I love speaking to students.
This week, I met with Medill School of Journalism students and teachers, who were in Israel to learn first-hand about this country’s challenges and opportunities.
They had already met political leaders and pundits galore.
I spoke about Israel’s creative and innovative side.
It was a Q&A style talk, and the students asked some very insightful questions.
Among other things, we spoke about the change in the news cycle and how, today, tech stories are in mainstream news because everyone is interested in innovation. We’re all affected by innovation.
I spoke about telling tech stories beyond the headlines and without focusing on the algorithm or code. How I try to tell the story of the people behind the tech and how their innovations will impact lives.
I spoke about what we can learn from failure as a stepping stone to success. Why crazy ideas are important. The risk culture of Israel. And how global solutions come about thanks to collaborations.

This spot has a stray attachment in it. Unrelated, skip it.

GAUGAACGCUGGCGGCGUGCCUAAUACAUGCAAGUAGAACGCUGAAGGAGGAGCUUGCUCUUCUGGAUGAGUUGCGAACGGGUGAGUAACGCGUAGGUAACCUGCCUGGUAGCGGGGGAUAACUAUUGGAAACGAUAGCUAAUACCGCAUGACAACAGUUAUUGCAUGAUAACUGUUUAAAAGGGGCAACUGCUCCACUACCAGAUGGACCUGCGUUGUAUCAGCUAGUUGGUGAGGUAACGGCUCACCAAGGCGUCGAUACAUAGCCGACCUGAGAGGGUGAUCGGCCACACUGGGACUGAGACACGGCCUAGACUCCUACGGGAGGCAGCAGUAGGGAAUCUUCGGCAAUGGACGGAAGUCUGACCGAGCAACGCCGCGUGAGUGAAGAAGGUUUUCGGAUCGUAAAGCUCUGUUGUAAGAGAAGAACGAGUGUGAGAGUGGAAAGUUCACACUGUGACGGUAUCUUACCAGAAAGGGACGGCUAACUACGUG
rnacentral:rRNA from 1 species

The students were aware, keen and interested. They had many questions and I tried to answer as many as I could. We went overtime.
Right near the end of our chat, I noted that in addition to being a speaker and journalist, I had trained as a therapeutic and educational clown. That sparked new interest among the students and a slew of questions. I managed to squeeze in a word on educational clowning and the innovative impact it is making in the educational culture in Israeli schools.
I felt the conversation could have gone on for at least another 30 minutes. But it was their last day in Israel and a graffiti tour awaited.